The Police Transport Command along with Sydney Trains has today announced a Bad Behaviour Blitz in a continued effort to decrease anti-social behaviour on the rail network.
The blitz comes after the summer holidays when there is an increase in commuters using the trains, as people return to school or work.
Since 2013, officers from the Police Transport Command have seen a steady increase in the number of legal actions taken against commuters for anti-social behaviours; including littering, putting feet on seats, using offensive language, and fare evasion.
The Police Transport Command will be working with Transport officers to drive down these types of offences and to stop anti-social behaviour at its core, before more serious offences occur.
Operation Disrupt, a high-visibility policing operation targeting anti-social behaviour, began on Friday 1 February 2017 and will continue until Tuesday 28 February 2017.
Since the start of Operation Disrupt, 10 people have been arrested and charged with offences including goods in custody, drug possession and warrants. More than 500 infringements have been issued for fare evasion and anti-social behaviour.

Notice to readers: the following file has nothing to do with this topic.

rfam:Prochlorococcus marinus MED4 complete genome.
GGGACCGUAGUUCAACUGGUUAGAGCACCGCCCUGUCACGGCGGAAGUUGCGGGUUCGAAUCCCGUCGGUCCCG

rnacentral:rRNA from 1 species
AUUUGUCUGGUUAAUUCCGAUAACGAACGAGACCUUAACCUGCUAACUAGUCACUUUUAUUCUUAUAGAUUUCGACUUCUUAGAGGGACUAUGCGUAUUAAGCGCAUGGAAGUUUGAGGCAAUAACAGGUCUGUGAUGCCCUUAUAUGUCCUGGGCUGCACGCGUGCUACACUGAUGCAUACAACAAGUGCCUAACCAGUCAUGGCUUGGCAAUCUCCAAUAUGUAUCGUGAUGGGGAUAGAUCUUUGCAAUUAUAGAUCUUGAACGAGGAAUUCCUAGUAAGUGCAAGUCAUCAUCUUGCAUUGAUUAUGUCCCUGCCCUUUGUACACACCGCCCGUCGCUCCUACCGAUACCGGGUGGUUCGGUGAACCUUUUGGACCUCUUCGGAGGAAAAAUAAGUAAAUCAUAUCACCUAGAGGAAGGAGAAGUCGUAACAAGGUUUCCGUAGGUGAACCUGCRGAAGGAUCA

Commander of the Police Transport Command, Assistant Commissioner Max Mitchell APM, said the bad behaviour blitz is about making public transport safe and enjoyable for everyone.
“During our continued high-visibility operations we have been detecting more and more anti-social behaviours and fare evasion on our trains over the past three years, and we want to put an end to it.
“Public transport is for everyone to use and we want to remind people to be respectful and courteous to their fellow passengers.
“It’s simply not okay to put your feet of the seats, smoke on trains or platforms, discard rubbish, or use offensive language.
“If these types of offences go unchecked, people are more likely to think they can get away with more serious crimes, and we won’t allow that,” Assistant Commissioner Mitchell said.
Chief Executive of Sydney Trains, Howard Collins, said catching public transport is a better experience for everyone when customers show courtesy and respect for each other.
“Don’t take up any more room than you have to, don’t put your feet on the seats, don’t block stairs and walkways with bags and make sure you move away from the doors.
“We’re talking about basic manners that not only make train journeys more pleasant for everyone, but also helps avoid train delays caused by people not being able to board and alight quickly,” Mr Collins said.